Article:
Painted lady butterfly, Vanessa cardui

Painted Lady. Photo by James Taulman.

These butterflies range widely, favoring old fields and disturbed areas, as well as sand dunes. They occur worldwide, only being absent from Australia and Antarctica. They undergo migrations not necessarily limited by season. They fly at high speeds and may cover 100 miles per day during a migration. Males perch or fly in search of receptive females. Mating takes place year round,with populations migrating to warmer regions during colder weather. Females lay single eggs on leaves of host plants. Caterpillars eat the leaves of host plants and spin silk nests in which they take refuge. Host plants may include thistles, legumes and more than 100 other species. Adults feed on nectar from flowering plants, particularly large composites. Populations are secure and not under threat.

 

 

American lady, Vanessa virginiensis

American Lady. Photo by James Taulman.

These butterflies prefer open habitat such as forest edges, parks, meadows, vacant lots and sand dunes in the southern United States. Males perch and wait for receptive females to approach. Females lay single eggs and solitary caterpillars feed on sunflower and other herbaceous plants from within a leaf nest that they construct and bind together with silk fibers. Adults emerge in summer and eat flower nectar from a variety of plants. Adults then hibernate over winter or migrate to warmer southern regions of the U.S. or Mexico.

 

 

 

 

 

Checkered white butterfly, Pontia protodice

Checkered White. Photo by James Taulman.

Males fly in search of receptive females, who after mating lay single eggs on leaves of host flowering plants. Caterpillars feed on flowers, buds, and fruits, also eating leaves of plants such as mustard, cabbage, and caper. Where they are abundant, caterpillars can produce minor damage to crops of mustard, broccoli, cabbage, and other host crops. Caterpillars pupate over winter. Adults emerge in spring and feed on flower nectar of similar species to those favored by caterpillars. These butterflies are common in the southern U.S. but may also be found in northern states and into Canada. They may produce several broods per year.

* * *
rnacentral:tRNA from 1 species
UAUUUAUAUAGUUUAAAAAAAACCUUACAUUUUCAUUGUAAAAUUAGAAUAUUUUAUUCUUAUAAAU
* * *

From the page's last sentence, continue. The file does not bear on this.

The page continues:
Clouded sulfur, Colias philodice

Clouded Sulfur. Photo by James Taulman.

Favored habitats include wildflower fields and other open areas and meadows from Alaska throughout most of the United States, excluding California and some southern states. Adult females lay single eggs and caterpillars feed on leaves of host pea, alfalfa, and clover plants. Caterpillars overwinter as pupae and emerge in spring as adults, or the metamorphosis from caterpillar to adult may take only 10 days in a generation that does not go dormant over winter. Adults feed on flower nectar. Populations are common and secure.

 

 

Comma butterfly, Polygonia comma

Comma butterfly. Photo by James Taulman.

Males perch on tree trunks or leaves, waiting for receptive females to approach. Commas may be found in deciduous forests near water across the eastern U.S. to the Rocky Mountains. Adults feed on tree sap and rotting fruits. Adults that have survived over the winter lay eggs in spring. Solitary caterpillars feed on leaves of elms and nettles at night, resting under cover during the day. They pupate and emerge as adults during summer and fall that will then overwinter to resume the cycle the next spring.

 

 

Mourning cloak butterfly, Nymphalis antiopa

Mourning Cloak. Photo by James Taulman.

These butterflies migrate and their habitats are varied, including woodlands, parks, riparian areas, and residential suburbs across North America and into Mexico. Adults may live 10-11 months and are the longest living butterfly in America, overwintering as adults to mate in the spring. Adults feed on hardwood tree sap, particularly oaks. They normally orient themselves head down on the tree trunk and proceed downward as they feed. They may also feed on flower nectar. Caterpillars live in communal webs and feed in groups on willows, elms, cottonwood, hackberry, and leaves of other hardwoods, sometimes defoliating host trees. Caterpillars spin cocoons and pupate in spring and adults emerge in mid summer.

 

 

Spangled Fritillary, Speyeria cybele

Spangled Fritillary. Photo by James Taulman.

This butterfly inhabits wildflower patches in sunny uplands across the United States, including deciduous and coniferous forest openings, moist fields and meadows. Females lay single eggs in late summer and caterpillars overwinter in the shelter of leaf litter without feeding. In spring caterpillars begin feeding on the leaves and flowers of various violet species at night. During the day they hide under leaves to avoid predation. Caterpillars overwinter as pupae. Adults are active throughout the early summer through fall feeding on nectar of various flowering plants.

 

 

Weidemeyer’s admiral, Limenitis weidemeyerii

Weidmeyer’s Admiral. Photo by James Taulman.

These butterflies are found in the Rocky mountains and Great Plains in deciduous forests and riparian areas in coniferous forests, as well as residential areas. Males wait on tree perches for females to approach. They are territorial and may chase other butterflies away from their perch. Caterpillars eat leaves of tree and shrubs, such as aspen, cottonwood, willows, and Amelanchier species. Caterpillars may overwinter in leaf shelters they construct in a third stage of development, called diapauses. They then pupate in a cocoon in spring and emerge as adults in summer. Adults feed on flower nectar, tree sap, and dead organic matter.